Wisconsin North Shore Chapter Learn to Hunt program producing new hunters and mentors

Having success in the area of hunter recruitment, retention and reactivation is exhilarating news. Discovering your Learn to Hunt program is producing new hunters, as well as excited, quality mentors, is the icing on the proverbial cake.

That is just what Kelly and Arthur Gnodtke found when they reviewed their Learn to Hunt program in Wisconsin. As the chapter volunteers continued to learn more about R3 — particularly how important it is to invest in those in their early 20s — they began to evaluate their program and the new hunter numbers within the program. 

The late Mike Keefe started the Learn to Hunt program, and the Gnodtkes have led it for the past four years. The program has been growing each year in positive ways.

“We have observed an increase in young adults and women hunters (in the program),” Kelly Gnodtke said. “We believe that those numbers are a reflection of the Learn to Hunt program coming full circle, as we now have eight young mentors in our organization that were once Learn to Hunt hunters. The Learn to Hunt program made such an impact on their life that they believe it is important for them to mentor as well.”

Kelly said they have found their new mentors enjoy taking out youth hunters in general, but they also find value in taking out friends and older family members who may not have been exposed to hunting at a young age.

“By mentoring friends, not only do they get the Learn to Hunt experience, but they also may have a future hunting partner for years to come,” she said of the program’s young mentors.

Those mentors know the value of the Learn to Hunt program and are ready to help others learn.

Tyler Grisar, 20, came through the chapter’s Learn to Hunt program and feels the program has a lot to offer new hunters. So much so, that he is now a mentor in the program.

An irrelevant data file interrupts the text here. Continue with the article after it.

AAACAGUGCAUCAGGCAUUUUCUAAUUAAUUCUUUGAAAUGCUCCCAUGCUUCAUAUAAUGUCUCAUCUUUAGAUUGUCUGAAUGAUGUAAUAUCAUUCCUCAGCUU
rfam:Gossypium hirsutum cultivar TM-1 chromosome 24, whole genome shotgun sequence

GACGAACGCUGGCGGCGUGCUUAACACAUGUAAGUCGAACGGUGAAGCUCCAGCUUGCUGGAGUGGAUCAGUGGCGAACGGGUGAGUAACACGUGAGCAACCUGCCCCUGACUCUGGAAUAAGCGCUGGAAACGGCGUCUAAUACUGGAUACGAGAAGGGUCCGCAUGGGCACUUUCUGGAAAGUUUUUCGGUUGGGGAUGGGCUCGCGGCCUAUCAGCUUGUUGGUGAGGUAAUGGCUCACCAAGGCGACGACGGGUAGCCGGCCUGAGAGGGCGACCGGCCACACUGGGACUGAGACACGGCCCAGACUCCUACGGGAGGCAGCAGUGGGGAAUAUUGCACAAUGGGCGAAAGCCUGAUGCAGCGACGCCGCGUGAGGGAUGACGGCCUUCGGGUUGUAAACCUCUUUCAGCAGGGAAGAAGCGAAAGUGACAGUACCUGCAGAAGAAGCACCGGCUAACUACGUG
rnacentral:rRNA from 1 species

“It provides a way to join in on a lifestyle that is hard to do if you were not born into it,” Grisar said. “It really helps having an experienced person teaching you the tricks of the trade rather than going in blind. Hunting is a passion of mine that has opened up doors to new friends and an extremely healthy lifestyle. I have taken both my 12-year-old sister and my friend’s 60-year-old dad out on hunts, and they both showed the same excitement and pride when they were able to harvest their birds.”

Mentor Mitchell Schmit, 23, echoed the same.

“Since I was fortunate enough to have uncles as mentors, I wanted to follow in their footsteps and begin to mentor others as well,” he said. “It’s to the point where I get more excited seeing a new hunter have success than when I do myself.

“I think it (this Learn to Hunt program) gives an opportunity to new hunters to hunt with some of the best mentors in the state. Not only do they have a good chance at getting a bird, but we teach them as we go. It’s not an experience you can find for free very often.”

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